The Stability of Venezuelan Mines: Importance
It was reported, according to the UN mission, that indigenous communities in the Bolívar and Amazonas region suffered systematic abuses from non-state and governmental actors. The presence of Russian actors in the south of the country, together with foreign investment, places the control of the Amazonian region of Venezuela as a necessity for the government of Maduro. The stability of Venezuelan mines and surrounding communities create potential scenarios:
- Venezuelan forces are likely to intervene should armed conflict in the Amazonian region threaten foreign investments. The stability of Venezuelan mines likely matters more to foreign operational capability than the ability to counter criminal actors. Foreign support is crucial to counter and survive the blockade of the international community led by the US.
- It is likely that FANB forces, including FAES, do not have the capability to effectively reduce an armed conflict in Amazonas and Bolívar. Events in Apure and Caracas suggest that the state’s armed forces have limited capability in COIN operations with multiple armed actors.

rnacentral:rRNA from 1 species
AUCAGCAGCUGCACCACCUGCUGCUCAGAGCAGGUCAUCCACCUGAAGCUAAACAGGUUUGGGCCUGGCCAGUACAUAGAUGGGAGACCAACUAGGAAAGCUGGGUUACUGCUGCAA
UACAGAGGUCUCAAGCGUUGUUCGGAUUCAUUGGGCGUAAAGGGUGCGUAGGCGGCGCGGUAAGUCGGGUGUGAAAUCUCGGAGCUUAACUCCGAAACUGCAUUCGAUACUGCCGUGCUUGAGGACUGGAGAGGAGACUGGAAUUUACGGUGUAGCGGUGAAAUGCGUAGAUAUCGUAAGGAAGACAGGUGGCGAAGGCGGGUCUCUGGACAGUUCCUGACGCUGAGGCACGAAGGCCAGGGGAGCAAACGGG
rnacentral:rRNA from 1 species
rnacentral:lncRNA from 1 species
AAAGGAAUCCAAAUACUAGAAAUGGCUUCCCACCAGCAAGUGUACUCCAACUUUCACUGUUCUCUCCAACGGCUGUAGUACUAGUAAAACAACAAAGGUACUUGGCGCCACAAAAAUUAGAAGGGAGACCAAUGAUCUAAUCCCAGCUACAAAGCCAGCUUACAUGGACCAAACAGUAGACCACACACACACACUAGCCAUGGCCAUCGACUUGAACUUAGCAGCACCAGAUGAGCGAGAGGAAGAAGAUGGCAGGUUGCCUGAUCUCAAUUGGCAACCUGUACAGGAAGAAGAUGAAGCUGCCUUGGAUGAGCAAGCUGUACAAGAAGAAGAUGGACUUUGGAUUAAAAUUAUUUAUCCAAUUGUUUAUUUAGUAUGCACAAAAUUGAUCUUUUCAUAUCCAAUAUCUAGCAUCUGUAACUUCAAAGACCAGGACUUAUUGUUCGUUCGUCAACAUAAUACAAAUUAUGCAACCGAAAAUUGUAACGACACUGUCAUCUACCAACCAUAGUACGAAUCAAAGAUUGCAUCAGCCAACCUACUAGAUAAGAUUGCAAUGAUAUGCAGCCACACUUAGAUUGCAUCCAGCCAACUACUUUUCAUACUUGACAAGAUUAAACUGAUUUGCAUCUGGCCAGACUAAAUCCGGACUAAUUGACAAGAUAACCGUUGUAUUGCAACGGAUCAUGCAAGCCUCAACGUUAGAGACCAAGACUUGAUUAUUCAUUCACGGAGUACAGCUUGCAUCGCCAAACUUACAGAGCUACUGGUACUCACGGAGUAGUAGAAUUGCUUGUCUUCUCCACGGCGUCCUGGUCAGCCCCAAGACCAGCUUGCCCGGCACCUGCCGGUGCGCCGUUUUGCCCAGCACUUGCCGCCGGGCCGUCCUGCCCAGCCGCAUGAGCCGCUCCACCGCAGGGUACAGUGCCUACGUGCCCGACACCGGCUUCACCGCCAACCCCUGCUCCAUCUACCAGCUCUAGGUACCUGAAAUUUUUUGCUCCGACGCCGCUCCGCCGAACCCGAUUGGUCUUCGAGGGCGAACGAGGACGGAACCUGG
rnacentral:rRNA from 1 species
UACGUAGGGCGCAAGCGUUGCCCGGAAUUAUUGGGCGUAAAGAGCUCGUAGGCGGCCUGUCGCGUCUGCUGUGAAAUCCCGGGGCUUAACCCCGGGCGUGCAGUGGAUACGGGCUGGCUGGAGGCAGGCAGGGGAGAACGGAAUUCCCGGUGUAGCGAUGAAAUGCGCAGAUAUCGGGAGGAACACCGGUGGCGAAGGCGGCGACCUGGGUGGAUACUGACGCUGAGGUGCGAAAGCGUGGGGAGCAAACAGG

- The range of criminal actors in the Amazonia makes it likely that an intra-criminal conflict will occur with the same probability as a criminal-state conflict. Although confrontations are sporadic, contradicting interests make it unlikely that armed actors, indigenous communities and state actors will continue the permanent low-intensity conflict.
The states of Amazonas and Bolivar are home to large amounts of natural resources, in particular minerals and gold. Deputy Américo De Grazia denounced the abandonment by the government to control the Orinoco Mining Arc, citing the harassment towards indigenous populations and presence of criminal activity. Protests in Brazil regarding the harassment of indigenous communities by illegal miners establish a likely proliferation of criminal actors seeking to profit off governmental inaction. The degree of stability of Venezuelan mines, apart from driving non-state actor activity, attracts foreign investors crucial to the survival of Maduro.